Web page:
Year: 2016

narrative reframing

This essay focuses on the first season of the Serial podcast, analyzing the narrative approach used in Sarah Koenig’s investigation of an old murder case. In covering the story, Koenig managed to correct cultural biases/ judgements inherent in the original criminal trial, and revealed a separation between truth and fact in the case, resulting in an upcoming retrial of the person convicted. Much of this was achieved through various techniques and aesthetics used in her reframing of the case narrative. Using the lens of theorists Palmenfelt and Jennings, I hope to illuminate the narrative approaches used, through an ethnographic analysis of aspects of the narration, and through examining theories around oral storytelling traditions employed in the podcast series. Serial’s Season 1 (referred to as ‘Serial’ throughout) is an episodic podcast first available late in Fall 2014. The podcast covers Sarah Koenig’s journalistic investigation into the 1999 murder of Hae Min Lee, a high school student in Baltimore, Maryland. Her ex-boyfriend, Adnan Syed was convicted of first degree murder the following year and given a life …

reclaiming identity

Of the myriad of impacts from colonization is the fragmentation of cultural/ ancestral knowledge. At the intersection of technology, identity and creativity for several media artists from indigenous and displaced communities, is the reconstruction and perpetuation of cultural of knowledge. Contemporary media artists from these communities are using emerging technologies to explore, recapture and revitalise cultural knowledge and spiritual connections to reclaim identity and preserve this knowledge for future generations. This essay focuses on projects by Mi’gmaq-Canadian artist and professor, Dr. Lila Pine and Afro-Caribbean-American artist, Vashti Harrison; looking at their use of technology to reclaim indigenous knowledge and to (re)construct identity.    Linguistic Visualizations Dr. Lila Pine is a Mi’gmaq-Canadian new media artist and professor based in Toronto. She combines oral and scholarly traditions, sociolinguistics and media making into her work, to deepen the understanding of the ways we ‘speak’ and ‘know’ (RTA).   Dr. Pine’s “Imag(in)ing Indigeneity in Language” project digitally captures visualizations of linguistic sound. The intention is to uncover visual differences in linguistic structures as a means to explore/ convey impacts …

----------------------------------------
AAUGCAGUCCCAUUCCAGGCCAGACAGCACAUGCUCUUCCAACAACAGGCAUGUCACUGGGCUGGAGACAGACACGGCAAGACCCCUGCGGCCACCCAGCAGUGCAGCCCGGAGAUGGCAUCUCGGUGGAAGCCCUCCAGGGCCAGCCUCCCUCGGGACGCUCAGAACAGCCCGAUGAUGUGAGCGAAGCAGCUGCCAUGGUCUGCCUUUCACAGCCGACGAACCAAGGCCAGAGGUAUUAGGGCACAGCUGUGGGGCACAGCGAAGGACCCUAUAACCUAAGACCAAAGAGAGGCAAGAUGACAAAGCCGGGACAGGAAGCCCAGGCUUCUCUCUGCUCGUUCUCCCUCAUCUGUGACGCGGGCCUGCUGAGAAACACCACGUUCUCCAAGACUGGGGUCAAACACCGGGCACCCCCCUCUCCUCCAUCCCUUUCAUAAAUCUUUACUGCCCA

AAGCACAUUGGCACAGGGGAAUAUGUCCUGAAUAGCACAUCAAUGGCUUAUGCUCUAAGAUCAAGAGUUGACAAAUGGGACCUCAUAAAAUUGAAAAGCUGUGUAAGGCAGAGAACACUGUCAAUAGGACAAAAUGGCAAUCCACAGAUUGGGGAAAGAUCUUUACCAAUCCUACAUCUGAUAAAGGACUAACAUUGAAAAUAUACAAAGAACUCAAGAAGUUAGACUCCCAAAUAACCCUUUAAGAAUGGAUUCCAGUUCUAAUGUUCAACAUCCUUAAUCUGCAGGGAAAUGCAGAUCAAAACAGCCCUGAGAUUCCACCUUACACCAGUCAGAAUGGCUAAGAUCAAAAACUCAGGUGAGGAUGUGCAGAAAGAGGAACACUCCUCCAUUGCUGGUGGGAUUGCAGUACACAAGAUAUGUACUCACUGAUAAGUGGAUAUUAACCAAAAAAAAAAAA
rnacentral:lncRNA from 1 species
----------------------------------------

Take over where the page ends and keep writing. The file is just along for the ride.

angry inuk

Just attended the Gala Opening of “Angry Inuk” at the ImagiNative Film Festival. A revealing documentary of how organizations like Greenpeace have profited off (intentionally) misinformed activism around the issue of Canadian Inuit groups killing seal pups… hunting white coats has been illegal in Canada for over 30 years. Inuit communities subsist on older seals, caribou, wolf, etc for food, clothing, and other household uses… bi-products of which are sold commercially on the international market to support these communities and preserve their traditional ways of life. Since the 60s, animal rights organizations have (admittedly) exploited the image of the seal pup to garner millions in fundraising revenue. They admit seal pups are the best image to use for people to loosen the purse strings in the interests of animal rights. Seal species in the Canadian north aren’t even on the endangered species list. In fact their population has grown exponentially in the last few decades.     The European ban on seal products, which continues to economically devastate the Inuit peoples, relies on a western assumption that there is …

where control ends and freedom begins…